Bacterial Infections

  • Washington C. WinnJr.
  • P. Rocco LaSala
  • Kevin O. Leslie


In Osier’s time, bacterial pneumonia was a dreaded event, so important that he borrowed John Bunyan’s characterization of tuberculosis and anointed the pneumococcus, as the prime pathogen, “Captain of the men of death.”1 One hundred years later much has changed, but much remains the same. Pneumonia is now the sixth most common cause of death and the most common lethal infection in the United States. Hospital-acquired pneumonia is now the second most common nosocomial infection.2 It was documented as a complication in 0.6% of patients in a national surveillance study,3 and has been reported in as many as 20% of patients in critical care units.4 Furthermore, it is the leading cause of death among nosocomial infections.5 Leu and colleagues6 were able to associate one third of the mortality in patients with nosocomial pneumonia to the infection itself. The increase in hospital stay, which averaged 7 days, was statistically significant. It has been estimated that nosocomial pneumonia produces costs in excess of $500 million each year in the United States, largely related to the increased length of hospital stay.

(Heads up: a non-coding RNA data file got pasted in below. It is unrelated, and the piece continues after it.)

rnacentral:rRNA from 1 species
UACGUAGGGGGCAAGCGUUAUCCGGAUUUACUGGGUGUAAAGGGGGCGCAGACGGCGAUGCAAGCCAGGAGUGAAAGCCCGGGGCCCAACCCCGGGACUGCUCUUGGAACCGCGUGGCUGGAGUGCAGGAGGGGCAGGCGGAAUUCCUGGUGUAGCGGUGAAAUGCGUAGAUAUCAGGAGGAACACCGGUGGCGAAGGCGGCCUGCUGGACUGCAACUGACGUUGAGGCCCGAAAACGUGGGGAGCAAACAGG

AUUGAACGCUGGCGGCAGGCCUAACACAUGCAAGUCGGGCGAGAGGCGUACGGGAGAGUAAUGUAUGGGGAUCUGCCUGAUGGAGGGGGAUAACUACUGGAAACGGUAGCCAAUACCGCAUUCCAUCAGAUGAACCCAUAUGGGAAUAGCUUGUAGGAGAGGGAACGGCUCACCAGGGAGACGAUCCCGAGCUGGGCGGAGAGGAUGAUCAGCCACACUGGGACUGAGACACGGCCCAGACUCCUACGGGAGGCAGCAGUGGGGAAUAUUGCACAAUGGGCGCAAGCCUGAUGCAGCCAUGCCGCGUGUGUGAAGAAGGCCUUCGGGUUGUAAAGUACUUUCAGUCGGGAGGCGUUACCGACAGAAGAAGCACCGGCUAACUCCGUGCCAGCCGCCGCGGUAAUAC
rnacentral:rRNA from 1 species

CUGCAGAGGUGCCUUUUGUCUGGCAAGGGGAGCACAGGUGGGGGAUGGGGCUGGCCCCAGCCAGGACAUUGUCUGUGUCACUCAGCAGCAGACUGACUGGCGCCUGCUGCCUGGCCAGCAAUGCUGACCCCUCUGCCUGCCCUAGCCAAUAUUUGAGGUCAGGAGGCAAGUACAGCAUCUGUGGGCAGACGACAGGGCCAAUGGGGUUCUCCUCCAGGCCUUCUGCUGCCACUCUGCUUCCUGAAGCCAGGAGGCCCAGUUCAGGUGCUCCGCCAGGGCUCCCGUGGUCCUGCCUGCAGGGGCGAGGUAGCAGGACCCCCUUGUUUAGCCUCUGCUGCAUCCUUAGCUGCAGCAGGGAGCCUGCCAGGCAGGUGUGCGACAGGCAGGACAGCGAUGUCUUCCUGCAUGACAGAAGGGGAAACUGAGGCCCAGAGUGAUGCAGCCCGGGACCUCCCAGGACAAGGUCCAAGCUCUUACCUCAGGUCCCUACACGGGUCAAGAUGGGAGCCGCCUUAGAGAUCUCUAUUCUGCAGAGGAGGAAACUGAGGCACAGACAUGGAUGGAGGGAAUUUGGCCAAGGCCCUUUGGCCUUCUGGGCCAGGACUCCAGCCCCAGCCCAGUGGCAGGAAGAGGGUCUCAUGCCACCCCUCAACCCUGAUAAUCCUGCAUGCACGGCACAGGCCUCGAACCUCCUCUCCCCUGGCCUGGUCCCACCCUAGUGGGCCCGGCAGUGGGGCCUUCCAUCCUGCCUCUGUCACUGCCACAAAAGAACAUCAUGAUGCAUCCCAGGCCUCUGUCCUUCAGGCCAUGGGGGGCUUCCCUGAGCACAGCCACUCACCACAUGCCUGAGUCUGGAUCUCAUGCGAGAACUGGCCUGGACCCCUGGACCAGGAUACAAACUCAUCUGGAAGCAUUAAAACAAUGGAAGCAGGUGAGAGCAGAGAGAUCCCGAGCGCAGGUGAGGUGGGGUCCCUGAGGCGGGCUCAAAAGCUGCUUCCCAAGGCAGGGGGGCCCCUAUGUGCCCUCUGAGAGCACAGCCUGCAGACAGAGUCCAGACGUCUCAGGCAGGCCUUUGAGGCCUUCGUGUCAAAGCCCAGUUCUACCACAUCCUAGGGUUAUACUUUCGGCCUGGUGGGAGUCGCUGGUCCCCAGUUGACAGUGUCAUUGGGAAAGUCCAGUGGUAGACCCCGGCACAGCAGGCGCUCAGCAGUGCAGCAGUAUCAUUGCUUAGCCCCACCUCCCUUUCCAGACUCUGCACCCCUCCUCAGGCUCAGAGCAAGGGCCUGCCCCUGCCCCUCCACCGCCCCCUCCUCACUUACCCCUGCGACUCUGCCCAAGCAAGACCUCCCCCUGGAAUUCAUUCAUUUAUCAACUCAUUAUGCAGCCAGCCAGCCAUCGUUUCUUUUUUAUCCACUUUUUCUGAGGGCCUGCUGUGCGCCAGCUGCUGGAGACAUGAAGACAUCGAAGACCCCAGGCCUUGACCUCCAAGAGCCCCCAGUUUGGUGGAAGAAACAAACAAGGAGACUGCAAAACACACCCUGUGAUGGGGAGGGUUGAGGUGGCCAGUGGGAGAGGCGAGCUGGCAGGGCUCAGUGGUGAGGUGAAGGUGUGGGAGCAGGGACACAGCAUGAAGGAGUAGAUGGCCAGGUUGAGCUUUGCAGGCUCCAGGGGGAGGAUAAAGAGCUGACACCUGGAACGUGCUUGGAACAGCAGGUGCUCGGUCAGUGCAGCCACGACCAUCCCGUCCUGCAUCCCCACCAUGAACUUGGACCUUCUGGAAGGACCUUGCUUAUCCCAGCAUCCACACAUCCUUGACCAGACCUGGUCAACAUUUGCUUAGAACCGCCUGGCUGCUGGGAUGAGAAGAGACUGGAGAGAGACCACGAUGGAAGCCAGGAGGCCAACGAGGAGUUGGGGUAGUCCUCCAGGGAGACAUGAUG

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Copyright information

© Springer Science+Business Media, LLC 2008

Authors and Affiliations

  • Washington C. WinnJr.
    • 1
  • P. Rocco LaSala
    • 2
  • Kevin O. Leslie
    • 3
    • 4
  1. 1.Flet